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I come from a PHP background. I've been a PHP developer for a long time now. I am wanting to jump into Android App development. I created one app, but I don't feel like I have a strong grasp of the time and date functions, especially when being stored in the database. O one of my main concerns is how to store and retrieve dates from the database (SQLite) and compare them.

The way I do it in PHP is I simple; I use the time() function, which creates a unix timestamp for the current time, and then I store it as an integer in a MySQL database. This makes things very simple and easy due to MySQL's date functions, as well as the ability to easily retrieve and compare the date via PHP as an integer.

So basically, I'm wondering what the best solution would be for Java. What do you recommend I do when creating, storing, retrieving, and comparing dates for my future Android apps?

Here is an example of the PHP code I'd use, perhaps this will give someone a better idea of what I'm used to and what I'm looking for:

Database structure:
`id` (int) auto increment
`username` (varchar)
`the_date` (int)

<?php

$username = 'scarhand77';
$the_date = time();

// insert into database

mysql_query("insert into `stack_overflow` (`username`, `the_date`) values ('$username', '$the_date')");

// retrieve from database

$user_date = mysql_result(mysql_query("select `the_date` from `stack_overflow` where `username`='$username'"), 0);

// compare $user_date, see if its older than right now

if ($user_date < time())
    echo 'it is older';
else
    echo 'it is not older';

?>

Any help would be greatly appreciated.

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4 Answers 4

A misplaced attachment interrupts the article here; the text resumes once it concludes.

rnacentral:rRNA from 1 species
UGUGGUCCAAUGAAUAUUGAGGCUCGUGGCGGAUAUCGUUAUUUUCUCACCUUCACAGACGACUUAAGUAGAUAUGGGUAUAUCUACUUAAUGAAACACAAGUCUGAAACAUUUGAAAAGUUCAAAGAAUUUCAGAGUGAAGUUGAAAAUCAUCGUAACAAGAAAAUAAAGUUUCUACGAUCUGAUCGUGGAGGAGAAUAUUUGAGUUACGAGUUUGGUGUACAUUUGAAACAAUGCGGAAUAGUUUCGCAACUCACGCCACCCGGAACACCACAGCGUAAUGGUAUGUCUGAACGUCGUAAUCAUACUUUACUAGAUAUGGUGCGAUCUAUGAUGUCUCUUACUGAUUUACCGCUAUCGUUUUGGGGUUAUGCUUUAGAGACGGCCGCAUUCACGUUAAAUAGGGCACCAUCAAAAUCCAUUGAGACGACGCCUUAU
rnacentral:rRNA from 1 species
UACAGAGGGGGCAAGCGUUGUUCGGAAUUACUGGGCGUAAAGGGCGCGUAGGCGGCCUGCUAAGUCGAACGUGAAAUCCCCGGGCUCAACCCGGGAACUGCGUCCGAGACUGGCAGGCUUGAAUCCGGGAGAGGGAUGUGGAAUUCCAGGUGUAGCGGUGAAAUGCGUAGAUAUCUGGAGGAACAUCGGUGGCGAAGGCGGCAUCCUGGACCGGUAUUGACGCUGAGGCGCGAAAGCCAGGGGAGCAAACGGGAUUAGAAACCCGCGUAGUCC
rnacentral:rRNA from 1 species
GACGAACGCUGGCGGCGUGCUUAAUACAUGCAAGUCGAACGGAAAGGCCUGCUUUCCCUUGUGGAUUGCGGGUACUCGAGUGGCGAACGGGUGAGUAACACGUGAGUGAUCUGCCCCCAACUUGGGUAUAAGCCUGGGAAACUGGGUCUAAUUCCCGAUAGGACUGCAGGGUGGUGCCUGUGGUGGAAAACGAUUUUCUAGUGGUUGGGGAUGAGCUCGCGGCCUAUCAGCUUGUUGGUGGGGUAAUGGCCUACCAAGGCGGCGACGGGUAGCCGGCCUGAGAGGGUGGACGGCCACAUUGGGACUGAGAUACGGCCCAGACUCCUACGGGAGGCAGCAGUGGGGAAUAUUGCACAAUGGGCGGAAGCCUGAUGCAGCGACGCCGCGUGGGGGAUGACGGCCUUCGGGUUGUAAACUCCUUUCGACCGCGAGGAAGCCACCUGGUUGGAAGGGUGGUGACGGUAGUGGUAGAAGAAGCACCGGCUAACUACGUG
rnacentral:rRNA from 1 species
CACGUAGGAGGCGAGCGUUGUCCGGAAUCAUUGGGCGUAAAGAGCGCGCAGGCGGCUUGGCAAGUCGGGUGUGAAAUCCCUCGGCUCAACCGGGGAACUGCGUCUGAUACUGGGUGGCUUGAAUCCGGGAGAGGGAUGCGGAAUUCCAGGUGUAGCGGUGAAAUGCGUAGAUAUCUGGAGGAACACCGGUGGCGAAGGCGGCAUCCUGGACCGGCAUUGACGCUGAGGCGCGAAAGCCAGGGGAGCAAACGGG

up vote 2 down vote accepted

Just use a primitive long. The same one returned from System.currentTimeMillis(); (for the current time). It is the number of milliseconds since 1970. It is basically the same as unix time but with a signed 64bit value (java long) and in milliseconds instead of seconds.

A java.util.Date object is just a wrapper around a long too, so mostly pointless but easy to use with the Date object if you like too. Not to be confused with java.sql.Date

You can then compare times just as in your example

long time1 = System.currentTimeMillis();
long time2 = ...;

if (time2 < time1) {
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You can get a unix timestamp without even creating a Date object if you want to:

long unixTime = System.currentTimeMillis() / 1000L;

Then you can simply write this to MySQL, like you are used to.

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Why are you dividing by 1000L? I'm assuming this is to turn it into seconds rather than milliseconds. Not sure I'd want that. –  scarhand Dec 22 '12 at 15:21
3  
Because unixtime is seconds since the epoch...not milliseconds. –  Hunter McMillen Dec 22 '12 at 15:22
    
Ah, I understand now. –  scarhand Dec 22 '12 at 15:26

SQLite supports only a few of datatypes, where the only sensible one for storing time is the integer. It can hold up to 64-bit numbers, so it works well with Java's long.

When storing into the DB, you obtain the millisecond count (since 1/1/1970) from a java.util.Date with:

Date now = new Date();
long millis = now.getTime();

And then you easily recreate a Date with the given millis with:

long millis = ...
Date date = new Date(millis);
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If you are doing manipulation with the times after you retrieve them from the database you may want to check out Joda Time. It has a huge amount of useful functions whereas the standard Java library is a little lacking in the area.

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